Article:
He was a Primary 3 pupil when his mother took him along to Singapore's oldest-surviving street market to get army uniforms for his older brother.

Fond memories of the shopping trip and subsequent ones over the decades made Mr Goh, 52, determined to visit Sungei Road market yesterday before the site makes its final bow after tomorrow.

"I'm sad to see it go," Mr Goh told The Sunday Times, as he snapped photos of the market with a camera.


The Sungei Road market, which began in the 1930s, is said to make way for future residential and commercial development.

Ever since news of its impending closure broke, visitor footfall at the market has significantly increased, according to some of the vendors interviewed.

Mr Kris Gantana, 54, and his young daughter, were among the many curious people visiting the market for the first - and last time - before it closes.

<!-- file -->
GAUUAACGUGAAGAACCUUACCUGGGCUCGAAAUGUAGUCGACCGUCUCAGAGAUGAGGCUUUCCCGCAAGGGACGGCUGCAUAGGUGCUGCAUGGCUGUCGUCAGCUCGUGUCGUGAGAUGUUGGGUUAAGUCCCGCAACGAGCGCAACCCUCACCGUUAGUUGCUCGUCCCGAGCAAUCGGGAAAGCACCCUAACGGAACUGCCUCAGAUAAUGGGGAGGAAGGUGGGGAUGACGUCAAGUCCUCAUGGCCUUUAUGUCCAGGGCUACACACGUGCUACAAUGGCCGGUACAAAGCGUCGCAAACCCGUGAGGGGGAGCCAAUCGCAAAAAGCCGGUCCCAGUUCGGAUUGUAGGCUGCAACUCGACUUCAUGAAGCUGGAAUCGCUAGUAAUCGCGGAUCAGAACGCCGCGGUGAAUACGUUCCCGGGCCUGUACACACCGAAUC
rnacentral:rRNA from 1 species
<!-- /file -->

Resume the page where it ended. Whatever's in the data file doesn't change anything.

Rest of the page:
"This is my first time visiting the market. I had to come as next time it won't be here any more. I brought my daughter here too as I thought it would be a good eye-opener for her," said the casino dealer.

Stall owners who have called the 80-year-old market home for decades were also sad to see it go even as they peddled their wares yesterday.

Said Mr Sarapi Shor, 58, who has set up shop at the market since 1999 selling second-hand trinkets like pearl necklaces, and mobile phones: "Over the years, I've seen a lot, both the good and the ugly. But I'll miss the lively atmosphere here."

Foot traffic low at new place

Vendor Chin Kim Bon, 70, says he has hardly made any money at his new stall in Golden Mile Food Centre (above), which sells trinkets, water-colour paintings, antique sculptures and vintage gadgets. This is in stark contrast to the $1,000 or so he used to rake in at Sungei Road market monthly.ST PHOTO: KUA CHEE SIONG

Among the rows of stalls selling army equipment at Golden Mile Food Centre, a small unit selling second-hand items stands out for its colourful, curated assortment of trinkets, water-colour paintings, antique sculptures and vintage gadgets.

The collection of wares - including old photos of Singapore, orchid gold-plated jewellery and even a decorative head of an elephant - belongs to Mr Chin Kim Bon, 70, who has been hawking at Sungei Road market for the past two decades.

He relocated to Golden Mile Food Centre last month, which is where the army market, known for the stalls selling military supplies, is also located.